Photos Courtesy of Hummingbird Indigenous Services and Surge Reproductive Justice


Rooted In Love: Birth Justice Collaborative

At the end of 2023, St. Joseph Fund (SJF) wrapped its Education Initiative’s inaugural year. The initiative worked to build relationships with Black, Indigenous, and People of Color community partners in Washington state to strengthen capacity building and organizational infrastructures. The program designers took their learnings forward to redefine goals for the initiative’s second year. An opportunity arose to dive deeper into community power-building within one subset area of the Education Initiative, which is the prenatal-to-three and birth justice advocacy space.


This year, we are dedicated to enhancing grassroots non-profits’ and groups’ organizational capacity and power by building a Black and Indigenous birth justice collaborative centered on peer-to-peer learning, solidarity, and healing. Collaborative partners play a crucial role in supporting birthing parents; understanding pre- and post-natal care and access to equitable birthing options are critical to strong education outcomes. Our approach is to steward participatory and general operation grants to a network of birthing partners throughout Washington state to continue their existing efforts of organizing while creating a space for collective analysis and exploration of experiences and challenges of birthing individuals and birth workers that have systemically harmed Black and Indigenous communities.


We are excited to introduce you to two partners serving as the collaborative’s lead: Hummingbird Indigenous Family Services and Surge Reproductive Justice.


Hummingbird Indigenous Family Services believes that every parent is the perfect parent for their baby and that healthy mothers and babies build the foundation for healthy communities. Their work centers Indigenous people. Through programs like Birthkeepers, they provide family planning support and perinatal education through culturally relevant doula care, reducing the barriers that disproportionately affect Indigenous parents while strengthening the bond between parents and connections to the community. Other programs include Storytelling, Pilimakua Family Connections, and the Nest. All offerings intend to create connections and healthy communities.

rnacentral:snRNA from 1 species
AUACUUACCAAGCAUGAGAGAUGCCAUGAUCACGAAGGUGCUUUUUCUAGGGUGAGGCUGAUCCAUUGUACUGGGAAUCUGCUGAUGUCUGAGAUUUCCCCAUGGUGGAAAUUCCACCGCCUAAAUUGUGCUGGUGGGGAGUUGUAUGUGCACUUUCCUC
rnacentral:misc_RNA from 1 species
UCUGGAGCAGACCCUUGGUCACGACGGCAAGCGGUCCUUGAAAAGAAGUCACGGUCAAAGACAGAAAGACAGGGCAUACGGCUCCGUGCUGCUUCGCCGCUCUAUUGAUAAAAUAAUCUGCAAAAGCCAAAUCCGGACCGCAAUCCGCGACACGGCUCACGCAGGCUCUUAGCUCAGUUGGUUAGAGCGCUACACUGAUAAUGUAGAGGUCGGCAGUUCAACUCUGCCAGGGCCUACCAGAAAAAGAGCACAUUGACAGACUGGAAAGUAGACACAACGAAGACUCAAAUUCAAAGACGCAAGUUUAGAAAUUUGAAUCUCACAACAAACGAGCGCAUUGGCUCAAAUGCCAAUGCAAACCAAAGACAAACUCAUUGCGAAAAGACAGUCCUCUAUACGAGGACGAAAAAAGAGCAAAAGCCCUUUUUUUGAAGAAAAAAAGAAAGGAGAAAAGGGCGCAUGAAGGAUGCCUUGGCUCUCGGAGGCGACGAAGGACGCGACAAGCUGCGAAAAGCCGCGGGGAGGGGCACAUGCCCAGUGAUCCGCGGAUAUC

Surge Reproductive Justice mobilizes communities to build a world where all people can make powerful, self-determined choices for their bodies, families, and communities. They center Black women, women of color, and queer and trans people of color. Some of their programs include Doulas For All, a coalition organizing toward Medicaid reimbursements for birth doulas, and the Black Perinatal Health Campaign, an opportunity for Black people to build and strategize for holistic solutions to supporting our birthing and pregnant people, their families, and the Black birth workers who support them.


Please consider following us on LinkedIn to learn more about the Birth Justice Collaborative and meet more participants.